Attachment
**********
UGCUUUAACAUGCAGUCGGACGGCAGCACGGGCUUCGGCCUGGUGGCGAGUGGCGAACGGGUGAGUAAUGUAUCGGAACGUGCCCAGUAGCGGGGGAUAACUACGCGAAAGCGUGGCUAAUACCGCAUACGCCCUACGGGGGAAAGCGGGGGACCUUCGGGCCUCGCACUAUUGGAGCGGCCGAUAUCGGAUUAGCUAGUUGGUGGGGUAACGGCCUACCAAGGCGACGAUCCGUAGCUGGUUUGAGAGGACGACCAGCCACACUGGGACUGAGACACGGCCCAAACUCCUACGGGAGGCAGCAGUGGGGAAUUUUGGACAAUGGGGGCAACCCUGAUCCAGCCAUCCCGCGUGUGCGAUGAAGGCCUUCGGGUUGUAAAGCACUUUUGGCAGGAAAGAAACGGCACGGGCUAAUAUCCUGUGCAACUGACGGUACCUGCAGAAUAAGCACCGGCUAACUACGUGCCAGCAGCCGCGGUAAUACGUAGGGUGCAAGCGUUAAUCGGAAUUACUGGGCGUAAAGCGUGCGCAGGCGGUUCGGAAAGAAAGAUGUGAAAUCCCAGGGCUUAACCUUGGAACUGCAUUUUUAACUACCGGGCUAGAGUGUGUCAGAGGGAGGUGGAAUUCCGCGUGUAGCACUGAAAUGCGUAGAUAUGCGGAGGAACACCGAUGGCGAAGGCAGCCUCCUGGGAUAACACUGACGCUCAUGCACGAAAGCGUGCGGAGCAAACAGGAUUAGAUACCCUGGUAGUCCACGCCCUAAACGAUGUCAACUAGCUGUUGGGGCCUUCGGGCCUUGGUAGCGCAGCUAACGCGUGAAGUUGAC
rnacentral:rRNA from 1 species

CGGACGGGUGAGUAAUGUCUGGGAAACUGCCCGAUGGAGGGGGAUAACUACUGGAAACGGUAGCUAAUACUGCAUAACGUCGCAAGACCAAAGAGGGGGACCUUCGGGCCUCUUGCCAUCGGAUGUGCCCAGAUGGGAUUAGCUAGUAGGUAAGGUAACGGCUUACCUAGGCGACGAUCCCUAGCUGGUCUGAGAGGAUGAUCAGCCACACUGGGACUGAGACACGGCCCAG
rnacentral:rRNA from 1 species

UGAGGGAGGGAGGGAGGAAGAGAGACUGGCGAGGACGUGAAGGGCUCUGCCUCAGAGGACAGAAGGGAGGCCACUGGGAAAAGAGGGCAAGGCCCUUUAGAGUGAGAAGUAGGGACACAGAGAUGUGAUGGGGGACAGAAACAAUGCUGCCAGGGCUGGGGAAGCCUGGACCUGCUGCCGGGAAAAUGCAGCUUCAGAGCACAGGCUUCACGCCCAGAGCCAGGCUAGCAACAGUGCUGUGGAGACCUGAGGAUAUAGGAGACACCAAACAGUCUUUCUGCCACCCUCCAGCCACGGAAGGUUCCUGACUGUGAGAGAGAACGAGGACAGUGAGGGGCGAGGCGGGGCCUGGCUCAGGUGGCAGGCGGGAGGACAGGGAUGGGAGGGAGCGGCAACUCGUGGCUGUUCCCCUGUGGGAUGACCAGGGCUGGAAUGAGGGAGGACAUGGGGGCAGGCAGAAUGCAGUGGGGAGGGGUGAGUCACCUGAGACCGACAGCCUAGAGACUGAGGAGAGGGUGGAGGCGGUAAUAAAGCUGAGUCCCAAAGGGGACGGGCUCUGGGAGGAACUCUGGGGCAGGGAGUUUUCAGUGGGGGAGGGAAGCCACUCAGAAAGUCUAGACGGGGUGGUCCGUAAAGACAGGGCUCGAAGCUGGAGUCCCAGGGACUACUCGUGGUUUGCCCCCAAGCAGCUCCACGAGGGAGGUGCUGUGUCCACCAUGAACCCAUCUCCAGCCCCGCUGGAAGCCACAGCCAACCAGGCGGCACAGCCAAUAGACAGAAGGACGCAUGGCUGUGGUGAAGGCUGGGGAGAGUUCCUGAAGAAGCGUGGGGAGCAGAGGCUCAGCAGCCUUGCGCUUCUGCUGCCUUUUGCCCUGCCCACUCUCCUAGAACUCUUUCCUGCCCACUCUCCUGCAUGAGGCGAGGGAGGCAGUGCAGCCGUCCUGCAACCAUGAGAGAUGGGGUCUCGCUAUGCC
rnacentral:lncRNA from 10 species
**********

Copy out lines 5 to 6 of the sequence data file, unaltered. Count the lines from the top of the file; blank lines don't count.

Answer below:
UGAGGGAGGGAGGGAGGAAGAGAGACUGGCGAGGACGUGAAGGGCUCUGCCUCAGAGGACAGAAGGGAGGCCACUGGGAAAAGAGGGCAAGGCCCUUUAGAGUGAGAAGUAGGGACACAGAGAUGUGAUGGGGGACAGAAACAAUGCUGCCAGGGCUGGGGAAGCCUGGACCUGCUGCCGGGAAAAUGCAGCUUCAGAGCACAGGCUUCACGCCCAGAGCCAGGCUAGCAACAGUGCUGUGGAGACCUGAGGAUAUAGGAGACACCAAACAGUCUUUCUGCCACCCUCCAGCCACGGAAGGUUCCUGACUGUGAGAGAGAACGAGGACAGUGAGGGGCGAGGCGGGGCCUGGCUCAGGUGGCAGGCGGGAGGACAGGGAUGGGAGGGAGCGGCAACUCGUGGCUGUUCCCCUGUGGGAUGACCAGGGCUGGAAUGAGGGAGGACAUGGGGGCAGGCAGAAUGCAGUGGGGAGGGGUGAGUCACCUGAGACCGACAGCCUAGAGACUGAGGAGAGGGUGGAGGCGGUAAUAAAGCUGAGUCCCAAAGGGGACGGGCUCUGGGAGGAACUCUGGGGCAGGGAGUUUUCAGUGGGGGAGGGAAGCCACUCAGAAAGUCUAGACGGGGUGGUCCGUAAAGACAGGGCUCGAAGCUGGAGUCCCAGGGACUACUCGUGGUUUGCCCCCAAGCAGCUCCACGAGGGAGGUGCUGUGUCCACCAUGAACCCAUCUCCAGCCCCGCUGGAAGCCACAGCCAACCAGGCGGCACAGCCAAUAGACAGAAGGACGCAUGGCUGUGGUGAAGGCUGGGGAGAGUUCCUGAAGAAGCGUGGGGAGCAGAGGCUCAGCAGCCUUGCGCUUCUGCUGCCUUUUGCCCUGCCCACUCUCCUAGAACUCUUUCCUGCCCACUCUCCUGCAUGAGGCGAGGGAGGCAGUGCAGCCGUCCUGCAACCAUGAGAGAUGGGGUCUCGCUAUGCC
rnacentral:lncRNA from 10 species